Buying a boat in the US might be easy, but in our part of the world… not so!

So of course we started doing what any wannabe sailor does, check out yachtworld.com. Being new to the game we quickly found many boats that we liked and thought could be suitable for us. We had already decided from the beginning that we wanted a catamaran as we feel that space is important. From there it was a matter of finding the best match. again we researched and felt that anything between 36 and 40 foot would give us enough space and also allow us to invite 2-4 friends once in a while. If history teaches us we will have many more friends than we think we do as even now we get the occasional emails a-la ‘do you still remember me from when we met once back in 1992? oh and by the way, can I get a good deal at your hotel in Maldives?’…

Narrowing it down further we now focus our search on the following:

Fountaine Pajot Mahe 36

Fountaine Pajot Athena 38

Lagoon 380

Clearly there are plenty available of these models, if you live in the US or the Caribbean, that is. we on the other hand live across the globe in the Indian Ocean and all of a sudden the choice becomes either very small or non-existant. no problem, we thought, we’ll just look for something in Europe and get someone to sail it to us via the Suez Canal. Wrong again, it seems that this is a no-go area due to the constant pirate issues in that part of the Indian Ocean.

Posting a quick post on the CruisersForum we received some hope by posts that maybe some cruisers would be happy to sell their boats once reaching this part of the world from the Asian side, so maybe we will get lucky there. but realistically, our search is now focused on places like Malaysia, Thailand and Seychelles.

another big hurdle is the import tax for Maldives. any boat that remains in these waters for more than 90 days must be imported and operated under a Maldivian Flag, which automatically means 25% import duties on the value of the yacht (or whatever the customs officers feel the boat might be worth). this is a hard thing to swallow, as 25% is not a small number.

a little glimpse of hope is that there is a change of law in discussion in parliament that could have a big impact on people like me and might allow us to temporarily import a boat with much less fees for a period of up to 5 years. If all goes to plan, we should be well into our cruising life by then! lets keep fingers crossed that this new ruling will become law…

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smart books for not so smart (wannabe) sailors

After having caught up with work after our recent holidays it was time to start going online to get some first ideas of where to start. let me tell you, there is a LOT of stuff out there, enough to keep us busy for quite some time.

Thanks to google, we just grabbed the first available ebook that seems to tell us what we want to know. So we downloaded ‘The essentials of living on a boat’, exactly what we needed to know.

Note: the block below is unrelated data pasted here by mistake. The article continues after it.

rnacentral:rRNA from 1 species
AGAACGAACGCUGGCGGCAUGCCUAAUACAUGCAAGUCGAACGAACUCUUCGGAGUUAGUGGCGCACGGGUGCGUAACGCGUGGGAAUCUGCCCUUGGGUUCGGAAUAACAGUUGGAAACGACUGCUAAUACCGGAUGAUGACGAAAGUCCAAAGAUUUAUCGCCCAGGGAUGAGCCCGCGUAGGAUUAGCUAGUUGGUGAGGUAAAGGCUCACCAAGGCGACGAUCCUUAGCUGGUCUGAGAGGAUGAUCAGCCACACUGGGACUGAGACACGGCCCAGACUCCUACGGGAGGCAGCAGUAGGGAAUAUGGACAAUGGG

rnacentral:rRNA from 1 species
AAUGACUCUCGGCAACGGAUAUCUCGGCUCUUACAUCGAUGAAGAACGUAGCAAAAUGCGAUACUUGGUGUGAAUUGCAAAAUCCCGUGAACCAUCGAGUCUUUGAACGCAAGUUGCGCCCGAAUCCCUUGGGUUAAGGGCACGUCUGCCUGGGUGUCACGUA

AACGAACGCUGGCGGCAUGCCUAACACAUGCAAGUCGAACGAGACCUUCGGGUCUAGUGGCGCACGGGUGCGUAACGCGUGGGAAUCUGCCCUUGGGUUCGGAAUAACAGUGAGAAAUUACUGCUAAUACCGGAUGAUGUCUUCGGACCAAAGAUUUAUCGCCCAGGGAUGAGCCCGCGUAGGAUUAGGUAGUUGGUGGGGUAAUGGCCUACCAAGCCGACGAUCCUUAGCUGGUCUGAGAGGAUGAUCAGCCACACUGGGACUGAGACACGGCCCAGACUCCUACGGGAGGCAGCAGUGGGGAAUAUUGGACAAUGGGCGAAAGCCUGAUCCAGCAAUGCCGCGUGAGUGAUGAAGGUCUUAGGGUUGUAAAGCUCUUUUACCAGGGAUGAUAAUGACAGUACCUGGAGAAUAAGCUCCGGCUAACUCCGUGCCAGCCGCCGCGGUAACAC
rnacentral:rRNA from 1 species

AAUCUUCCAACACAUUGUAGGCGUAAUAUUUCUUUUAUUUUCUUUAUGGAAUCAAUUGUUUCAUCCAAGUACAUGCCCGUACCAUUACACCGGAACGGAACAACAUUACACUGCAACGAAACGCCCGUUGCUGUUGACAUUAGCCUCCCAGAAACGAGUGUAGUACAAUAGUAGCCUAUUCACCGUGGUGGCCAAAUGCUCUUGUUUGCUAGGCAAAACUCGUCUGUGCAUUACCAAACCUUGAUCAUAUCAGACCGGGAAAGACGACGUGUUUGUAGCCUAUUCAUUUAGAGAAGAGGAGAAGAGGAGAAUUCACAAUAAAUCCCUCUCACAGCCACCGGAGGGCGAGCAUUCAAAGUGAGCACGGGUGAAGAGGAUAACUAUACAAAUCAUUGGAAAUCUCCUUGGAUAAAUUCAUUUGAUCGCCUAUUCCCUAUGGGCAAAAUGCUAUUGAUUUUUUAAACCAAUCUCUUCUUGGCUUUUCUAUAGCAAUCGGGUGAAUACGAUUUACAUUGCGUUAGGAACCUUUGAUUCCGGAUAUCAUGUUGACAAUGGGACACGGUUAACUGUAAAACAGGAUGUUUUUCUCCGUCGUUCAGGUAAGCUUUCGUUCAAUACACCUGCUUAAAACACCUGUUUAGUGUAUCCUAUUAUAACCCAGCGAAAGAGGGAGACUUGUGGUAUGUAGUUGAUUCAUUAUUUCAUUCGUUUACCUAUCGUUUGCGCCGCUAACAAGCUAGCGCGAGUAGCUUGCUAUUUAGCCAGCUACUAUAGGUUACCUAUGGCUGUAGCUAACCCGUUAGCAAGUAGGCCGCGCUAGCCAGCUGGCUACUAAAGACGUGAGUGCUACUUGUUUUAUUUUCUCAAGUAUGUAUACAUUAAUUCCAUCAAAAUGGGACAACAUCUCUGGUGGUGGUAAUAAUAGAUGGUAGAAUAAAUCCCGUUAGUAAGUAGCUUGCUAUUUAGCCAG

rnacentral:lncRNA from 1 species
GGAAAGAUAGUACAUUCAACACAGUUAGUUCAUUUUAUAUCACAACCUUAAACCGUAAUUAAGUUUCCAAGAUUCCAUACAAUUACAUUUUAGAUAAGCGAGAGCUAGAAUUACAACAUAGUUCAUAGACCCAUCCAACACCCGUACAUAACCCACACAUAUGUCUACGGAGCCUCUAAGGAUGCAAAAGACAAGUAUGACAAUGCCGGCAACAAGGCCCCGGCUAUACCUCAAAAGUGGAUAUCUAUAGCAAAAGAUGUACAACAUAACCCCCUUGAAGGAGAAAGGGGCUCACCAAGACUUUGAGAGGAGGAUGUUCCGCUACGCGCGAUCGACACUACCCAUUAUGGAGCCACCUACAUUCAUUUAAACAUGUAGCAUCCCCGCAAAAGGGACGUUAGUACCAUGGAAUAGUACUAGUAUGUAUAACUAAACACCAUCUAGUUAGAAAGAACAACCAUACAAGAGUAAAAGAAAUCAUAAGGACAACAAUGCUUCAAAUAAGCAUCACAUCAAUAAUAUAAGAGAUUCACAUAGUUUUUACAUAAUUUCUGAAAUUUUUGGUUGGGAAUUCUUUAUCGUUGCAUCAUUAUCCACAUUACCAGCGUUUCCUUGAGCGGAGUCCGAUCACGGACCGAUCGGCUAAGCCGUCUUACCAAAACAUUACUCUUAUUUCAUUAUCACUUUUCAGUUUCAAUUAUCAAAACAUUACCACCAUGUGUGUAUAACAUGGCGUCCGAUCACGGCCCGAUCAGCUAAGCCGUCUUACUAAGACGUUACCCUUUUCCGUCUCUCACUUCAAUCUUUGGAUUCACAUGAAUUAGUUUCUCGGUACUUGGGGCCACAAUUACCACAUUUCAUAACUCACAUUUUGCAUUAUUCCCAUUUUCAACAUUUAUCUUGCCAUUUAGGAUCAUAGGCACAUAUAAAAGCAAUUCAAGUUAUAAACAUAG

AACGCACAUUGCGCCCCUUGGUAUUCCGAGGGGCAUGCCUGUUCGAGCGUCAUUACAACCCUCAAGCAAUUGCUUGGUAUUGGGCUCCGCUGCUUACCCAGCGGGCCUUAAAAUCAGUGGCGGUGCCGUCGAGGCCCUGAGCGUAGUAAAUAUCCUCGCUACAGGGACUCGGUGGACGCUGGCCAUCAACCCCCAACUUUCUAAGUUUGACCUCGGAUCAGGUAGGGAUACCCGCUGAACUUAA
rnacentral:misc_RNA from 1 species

280 pages later, the one amazing thing that we learned is this: apparently there are a huge number of people out there living on boats just for the sake of just that, living on a boat. these people never (or hardly ever) leave the dock, which in my opinion defies the purpose of having a boat. in any case we learned a few things such as the first few technical terms needing to be used when talking about boats. so from now on I guess we have to stop using words, such as cabins, beds, kitchen, front, back… you get my drift.

so as this book did not really give us what we needed to know about living on a boat and actually sailing on it, it seems we must look a little further.

we need to get back to basics and learn a little more about the lingo and about sailboats, it seems.

and then we found a book that seemed to match our current status: ‘Sailing for Dummies’, from the famous ‘for dummies’ series which has helped so many people doing all kinds of stuff. This book, however, will only reach us in a couple of weeks, since Amazon does not deliver to the Maldives and we have to wait for a friend to bring it to us early August. Let’s see if we feel any smarter after reading that…

okay, back to work

Back from the holidays

We just returned from a long holiday in the Bahamas and US. While many try to tell us that this was indeed a very long holiday (3 weeks) we sort of feel that it was just starting to get interesting.
one of the main things we flew half way around the planet for was to visit the dolphins in the Bahamas and we managed to swim with quite a few of them (in the wild, not in a tank I would like to add). however as we joined a boat with others we had to follow the schedule and left the trip feeling that we would like to have done more of that.
So this again confirmed out thought that it was time to take our idea of a floating life further, buy our own boat and stay as long as we like, where we like.
Having snooped around the web some more recently it actually seems possible to not only buy a boat and take it out once in a while but to actually live on it for some time and explore the oceans in your own floating home.

well for now, we have the idea stuck in our heads and now need to figure out how to actually go about doing this.